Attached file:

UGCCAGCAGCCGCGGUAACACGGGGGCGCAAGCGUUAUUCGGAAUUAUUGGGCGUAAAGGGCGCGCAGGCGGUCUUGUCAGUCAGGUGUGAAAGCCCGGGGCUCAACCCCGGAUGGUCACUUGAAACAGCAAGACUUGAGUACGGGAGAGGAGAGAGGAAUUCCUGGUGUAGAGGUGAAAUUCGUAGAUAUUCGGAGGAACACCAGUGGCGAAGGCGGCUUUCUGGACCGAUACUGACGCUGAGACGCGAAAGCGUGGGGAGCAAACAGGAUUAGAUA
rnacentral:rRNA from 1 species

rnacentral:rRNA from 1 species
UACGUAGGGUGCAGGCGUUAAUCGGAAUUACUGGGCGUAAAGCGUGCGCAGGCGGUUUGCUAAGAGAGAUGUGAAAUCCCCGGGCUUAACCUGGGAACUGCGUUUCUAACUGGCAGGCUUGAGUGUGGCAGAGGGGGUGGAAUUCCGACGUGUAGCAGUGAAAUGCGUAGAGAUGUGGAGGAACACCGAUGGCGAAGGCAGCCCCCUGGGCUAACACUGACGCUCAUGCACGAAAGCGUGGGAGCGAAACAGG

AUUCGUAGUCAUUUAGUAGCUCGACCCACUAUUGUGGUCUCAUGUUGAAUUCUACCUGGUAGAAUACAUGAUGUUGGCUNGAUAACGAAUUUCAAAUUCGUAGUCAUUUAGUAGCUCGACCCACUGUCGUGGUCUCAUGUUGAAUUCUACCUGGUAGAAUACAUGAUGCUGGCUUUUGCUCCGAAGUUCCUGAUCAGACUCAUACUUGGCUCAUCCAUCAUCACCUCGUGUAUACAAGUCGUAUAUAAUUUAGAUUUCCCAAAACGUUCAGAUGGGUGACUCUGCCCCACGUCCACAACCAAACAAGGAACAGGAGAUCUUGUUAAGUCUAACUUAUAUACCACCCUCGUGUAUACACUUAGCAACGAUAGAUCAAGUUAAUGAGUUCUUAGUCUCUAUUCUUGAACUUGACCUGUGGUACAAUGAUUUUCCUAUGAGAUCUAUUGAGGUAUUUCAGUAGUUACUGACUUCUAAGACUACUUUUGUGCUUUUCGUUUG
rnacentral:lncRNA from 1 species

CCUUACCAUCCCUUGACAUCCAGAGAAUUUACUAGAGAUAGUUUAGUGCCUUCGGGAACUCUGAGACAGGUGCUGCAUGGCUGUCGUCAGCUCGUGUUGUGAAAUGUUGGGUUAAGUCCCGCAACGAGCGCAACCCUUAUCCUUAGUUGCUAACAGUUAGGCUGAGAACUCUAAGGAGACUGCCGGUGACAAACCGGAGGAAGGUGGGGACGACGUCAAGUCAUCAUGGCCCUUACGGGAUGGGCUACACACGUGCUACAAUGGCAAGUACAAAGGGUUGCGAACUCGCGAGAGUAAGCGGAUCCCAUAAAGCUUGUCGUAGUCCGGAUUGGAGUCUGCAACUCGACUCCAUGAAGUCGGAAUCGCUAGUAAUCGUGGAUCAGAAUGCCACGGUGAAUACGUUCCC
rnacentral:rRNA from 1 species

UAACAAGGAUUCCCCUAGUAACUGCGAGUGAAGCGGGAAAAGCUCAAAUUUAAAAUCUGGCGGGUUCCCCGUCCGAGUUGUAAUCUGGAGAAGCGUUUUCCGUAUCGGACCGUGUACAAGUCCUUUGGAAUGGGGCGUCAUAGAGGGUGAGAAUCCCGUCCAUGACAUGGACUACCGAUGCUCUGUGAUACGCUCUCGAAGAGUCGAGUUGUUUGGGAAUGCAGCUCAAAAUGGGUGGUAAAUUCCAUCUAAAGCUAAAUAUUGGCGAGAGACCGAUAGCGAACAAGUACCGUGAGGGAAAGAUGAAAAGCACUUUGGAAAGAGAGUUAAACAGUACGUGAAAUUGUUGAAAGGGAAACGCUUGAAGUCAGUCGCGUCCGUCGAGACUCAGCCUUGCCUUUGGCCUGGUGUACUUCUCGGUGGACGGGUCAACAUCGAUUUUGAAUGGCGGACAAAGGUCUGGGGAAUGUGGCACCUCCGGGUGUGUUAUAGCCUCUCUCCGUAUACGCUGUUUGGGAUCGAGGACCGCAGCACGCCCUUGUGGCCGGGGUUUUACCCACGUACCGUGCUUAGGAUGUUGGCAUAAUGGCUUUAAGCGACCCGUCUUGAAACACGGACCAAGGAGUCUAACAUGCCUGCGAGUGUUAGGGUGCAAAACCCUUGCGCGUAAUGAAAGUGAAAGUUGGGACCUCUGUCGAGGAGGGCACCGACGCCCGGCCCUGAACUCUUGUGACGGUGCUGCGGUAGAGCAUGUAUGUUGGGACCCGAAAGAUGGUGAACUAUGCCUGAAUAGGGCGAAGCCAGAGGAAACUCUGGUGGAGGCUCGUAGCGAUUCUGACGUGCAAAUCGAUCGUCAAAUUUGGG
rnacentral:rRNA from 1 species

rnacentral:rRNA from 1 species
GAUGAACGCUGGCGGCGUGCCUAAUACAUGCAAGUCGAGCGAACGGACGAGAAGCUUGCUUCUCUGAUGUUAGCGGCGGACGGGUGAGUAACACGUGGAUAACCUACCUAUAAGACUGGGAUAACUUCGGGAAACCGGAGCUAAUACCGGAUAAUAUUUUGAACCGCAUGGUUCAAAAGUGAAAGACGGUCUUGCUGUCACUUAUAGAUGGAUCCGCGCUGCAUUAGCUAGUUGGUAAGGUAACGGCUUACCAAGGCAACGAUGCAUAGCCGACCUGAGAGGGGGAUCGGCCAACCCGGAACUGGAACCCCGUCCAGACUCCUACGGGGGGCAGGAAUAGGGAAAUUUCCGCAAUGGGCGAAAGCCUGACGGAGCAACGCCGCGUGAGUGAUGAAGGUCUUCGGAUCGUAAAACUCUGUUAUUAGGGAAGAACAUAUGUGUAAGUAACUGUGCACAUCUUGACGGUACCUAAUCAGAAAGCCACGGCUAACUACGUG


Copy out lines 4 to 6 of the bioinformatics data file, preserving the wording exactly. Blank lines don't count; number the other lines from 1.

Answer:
UACGUAGGGUGCAGGCGUUAAUCGGAAUUACUGGGCGUAAAGCGUGCGCAGGCGGUUUGCUAAGAGAGAUGUGAAAUCCCCGGGCUUAACCUGGGAACUGCGUUUCUAACUGGCAGGCUUGAGUGUGGCAGAGGGGGUGGAAUUCCGACGUGUAGCAGUGAAAUGCGUAGAGAUGUGGAGGAACACCGAUGGCGAAGGCAGCCCCCUGGGCUAACACUGACGCUCAUGCACGAAAGCGUGGGAGCGAAACAGG

AUUCGUAGUCAUUUAGUAGCUCGACCCACUAUUGUGGUCUCAUGUUGAAUUCUACCUGGUAGAAUACAUGAUGUUGGCUNGAUAACGAAUUUCAAAUUCGUAGUCAUUUAGUAGCUCGACCCACUGUCGUGGUCUCAUGUUGAAUUCUACCUGGUAGAAUACAUGAUGCUGGCUUUUGCUCCGAAGUUCCUGAUCAGACUCAUACUUGGCUCAUCCAUCAUCACCUCGUGUAUACAAGUCGUAUAUAAUUUAGAUUUCCCAAAACGUUCAGAUGGGUGACUCUGCCCCACGUCCACAACCAAACAAGGAACAGGAGAUCUUGUUAAGUCUAACUUAUAUACCACCCUCGUGUAUACACUUAGCAACGAUAGAUCAAGUUAAUGAGUUCUUAGUCUCUAUUCUUGAACUUGACCUGUGGUACAAUGAUUUUCCUAUGAGAUCUAUUGAGGUAUUUCAGUAGUUACUGACUUCUAAGACUACUUUUGUGCUUUUCGUUUG
rnacentral:lncRNA from 1 species